This artist's concept shows a celestial body about the size of our moon slamming at great speed into a body the size of Mercury. NASA/JPL-Caltech

The moon may have formed when a primordial planet with a chemical composition strikingly similar to that of Earth collided with our planet, according to a new study published Thursday in the journal Nature. The study was carried out to answer a long-standing puzzle -- why are Earth and lunar rocks more similar than expected in terms of chemical composition?

According to the widely accepted “giant impact hypothesis,” proposed in the 1970s, the moon is believed to have been formed about 4.5 billion years ago when a Mars-sized planet slammed into early Earth. This theory suggests that most of what became the moon came from this “giant impactor.”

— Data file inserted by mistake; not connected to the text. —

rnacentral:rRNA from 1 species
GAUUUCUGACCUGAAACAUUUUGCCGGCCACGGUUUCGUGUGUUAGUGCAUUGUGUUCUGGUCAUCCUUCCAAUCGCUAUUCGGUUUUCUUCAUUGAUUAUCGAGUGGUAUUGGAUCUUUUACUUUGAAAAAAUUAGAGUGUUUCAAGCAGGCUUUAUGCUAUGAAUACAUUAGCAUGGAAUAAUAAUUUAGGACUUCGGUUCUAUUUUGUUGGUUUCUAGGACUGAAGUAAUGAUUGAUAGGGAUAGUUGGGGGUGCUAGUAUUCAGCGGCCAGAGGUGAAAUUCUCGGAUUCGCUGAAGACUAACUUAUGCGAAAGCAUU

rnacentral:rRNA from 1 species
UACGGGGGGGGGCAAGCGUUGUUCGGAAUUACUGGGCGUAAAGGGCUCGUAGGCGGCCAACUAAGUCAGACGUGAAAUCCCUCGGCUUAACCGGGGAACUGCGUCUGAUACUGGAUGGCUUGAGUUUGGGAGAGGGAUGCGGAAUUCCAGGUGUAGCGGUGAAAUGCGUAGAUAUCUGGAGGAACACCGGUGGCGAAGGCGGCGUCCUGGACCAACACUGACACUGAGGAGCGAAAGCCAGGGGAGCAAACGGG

“So if the impactor had a different composition from the Earth, we should expect the Moon to have a different composition,” Hagai Perets, one of the study's authors, reportedly said. However, this is not the case. Study of lunar rocks has shown that the moon and Earth are “almost identical” in their composition. “This is one of the major challenges for this really beautiful giant impact hypothesis,” Perets added.

Now, according to findings of simulations of the solar system formation carried out by researchers -- detailed in the study -- the impactor planet might very well have resembled Earth. This close resemblance can be explained by the fact that given their similar distance from the sun, they would have formed from the same kind of orbiting proto-planetary material.

The model indicated that there was a 20 to 40 percent chance that the impact that created the moon could have occurred between such similar proto-planets -- much higher odds than the previously estimated 1 percent.

“The Earth and the moon are not twins born from the same planet, but they are sisters in the sense that they grew up in the same environment,” Perets reportedly said. “(Now) I am even more confident about the giant impact hypothesis.”